Nutrient Cycling in Agroecosystems

, Volume 88, Issue 1, pp 59–77 | Cite as

Nitrogen and phosphorus capture and recovery efficiencies, and crop responses to a range of soil fertility management strategies in sub-Saharan Africa

  • R. Chikowo
  • M. Corbeels
  • P. Mapfumo
  • P. Tittonell
  • B. Vanlauwe
  • K. E. Giller
Original Article


This paper examines a number of agronomic field experiments in different regions of sub-Saharan Africa to assess the associated variability in the efficiencies with which applied and available nutrients are taken up by crops under a wide range of management and environmental conditions. We consider N and P capture efficiencies (NCE and PCE, kg uptake kg−1 nutrient availability), and N and P recovery efficiencies (NRE and PRE, kg uptake kg−1 nutrient added). The analyzed cropping systems employed different soil fertility management practices that included (1) N and P mineral fertilizers (as sole or their combinations) (2) cattle manure composted then applied or applied directly to fields through animal corralling, and legume based systems separated into (3) improved fallows/cover crops-cereal sequences, and (4) grain legume-cereal rotations. Crop responses to added nutrients varied widely, which is a logical consequence of the wide diversity in the balance of production resources across regions from arid through wet tropics, coupled with an equally large array of management practices and inter-season variability. The NCE ranged from 0.05 to 0.98 kg kg−1 for the different systems (NP fertilizers, 0.16–0.98; fallow/cover crops, 0.05–0.75; animal manure, 0.10–0.74 kg kg−1), while PCE ranged from 0.09 to 0.71 kg kg−1, depending on soil conditions. The respective NREs averaged 0.38, 0.23 and 0.25 kg kg−1. Cases were found where NREs were >1 for mineral fertilizers or negative when poor quality manure immobilized soil N, while response to P was in many cases poor due to P fixation by soils. Other than good agronomy, it was apparent that flexible systems of fertilization that vary N input according to the current seasonal rainfall pattern offer opportunities for high resource capture and recovery efficiencies in semi-arid areas. We suggest the use of cropping systems modeling approaches to hasten the understanding of Africa’s complex cropping systems.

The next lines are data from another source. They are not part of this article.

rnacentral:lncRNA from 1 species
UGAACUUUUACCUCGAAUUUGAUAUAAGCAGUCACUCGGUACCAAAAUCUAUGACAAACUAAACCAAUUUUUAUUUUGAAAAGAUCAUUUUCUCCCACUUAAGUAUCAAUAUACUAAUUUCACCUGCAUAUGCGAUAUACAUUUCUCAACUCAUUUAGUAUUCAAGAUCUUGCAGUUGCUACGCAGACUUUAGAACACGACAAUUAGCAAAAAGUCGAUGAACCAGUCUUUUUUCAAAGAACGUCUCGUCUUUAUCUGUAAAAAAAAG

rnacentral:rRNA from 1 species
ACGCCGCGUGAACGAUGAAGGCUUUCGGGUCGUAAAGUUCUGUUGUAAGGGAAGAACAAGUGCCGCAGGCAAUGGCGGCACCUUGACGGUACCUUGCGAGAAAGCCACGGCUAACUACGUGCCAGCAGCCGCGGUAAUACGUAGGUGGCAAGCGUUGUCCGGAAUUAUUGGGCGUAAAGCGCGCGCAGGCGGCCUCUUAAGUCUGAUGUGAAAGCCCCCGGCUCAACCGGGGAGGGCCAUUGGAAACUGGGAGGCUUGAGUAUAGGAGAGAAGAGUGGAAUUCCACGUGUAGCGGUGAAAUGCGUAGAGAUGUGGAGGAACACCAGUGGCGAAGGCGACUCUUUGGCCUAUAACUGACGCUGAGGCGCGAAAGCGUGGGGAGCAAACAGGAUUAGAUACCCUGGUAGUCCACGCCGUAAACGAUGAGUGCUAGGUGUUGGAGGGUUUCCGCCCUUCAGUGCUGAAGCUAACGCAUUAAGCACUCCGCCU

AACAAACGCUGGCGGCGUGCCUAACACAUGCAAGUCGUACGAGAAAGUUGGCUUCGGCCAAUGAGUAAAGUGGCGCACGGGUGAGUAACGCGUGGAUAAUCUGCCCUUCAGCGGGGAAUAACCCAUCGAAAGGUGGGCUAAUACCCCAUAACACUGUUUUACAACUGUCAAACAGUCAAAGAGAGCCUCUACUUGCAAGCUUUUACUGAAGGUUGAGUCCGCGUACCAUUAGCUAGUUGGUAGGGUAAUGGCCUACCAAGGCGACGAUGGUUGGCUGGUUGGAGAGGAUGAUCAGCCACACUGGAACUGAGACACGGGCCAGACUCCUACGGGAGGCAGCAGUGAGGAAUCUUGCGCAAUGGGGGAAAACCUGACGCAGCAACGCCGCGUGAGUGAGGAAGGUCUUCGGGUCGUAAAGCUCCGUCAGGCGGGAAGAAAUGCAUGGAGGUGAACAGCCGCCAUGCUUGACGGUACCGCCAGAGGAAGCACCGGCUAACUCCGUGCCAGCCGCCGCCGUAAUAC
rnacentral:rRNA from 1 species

Nutrient use efficiency Sub-Saharan Africa Nutrient mining Fertilizers Manure Legumes Cropping systems modeling 



We are grateful to the European Commission for funding of the Africa-NUANCES project under the INCO program. Funding from the Soil Fertility Consortium for Southern Africa (SOFECSA), through its activities under the Forum for Agricultural Research in Africa (FARA)’s sub-Saharan Africa Challenge Program (SSA-CP), enabled the completion of this study.


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Copyright information

© Springer Science+Business Media B.V. 2009

Authors and Affiliations

  • R. Chikowo
    • 1
  • M. Corbeels
    • 2
    • 3
  • P. Mapfumo
    • 1
    • 4
  • P. Tittonell
    • 2
  • B. Vanlauwe
    • 5
  • K. E. Giller
    • 6
  1. 1.Soil Science & Agricultural Engineering DepartmentUniversity of ZimbabweMt Pleasant, HarareZimbabwe
  2. 2.Département PersystCentre de Coopération Internationale en Recherche Agronomique pour le Développement (CIRAD)Montpellier Cedex 5France
  3. 3.Tropical Soil Biology and Fertility Institute of the International Centre for Tropical Agriculture (TSBF-CIAT)Mt Pleasant, HarareZimbabwe
  4. 4.The Soil Fertility Consortium for Southern Africa (SOFECSA), CIMMYT- ZimbabweMount Pleasant, HarareZimbabwe
  5. 5.Tropical Soil Biology and Fertility Institute of CIAT (TSBF-CIAT)NairobiKenya
  6. 6.Plant Production Systems, Department of Plant SciencesWageningen UniversityWageningenThe Netherlands

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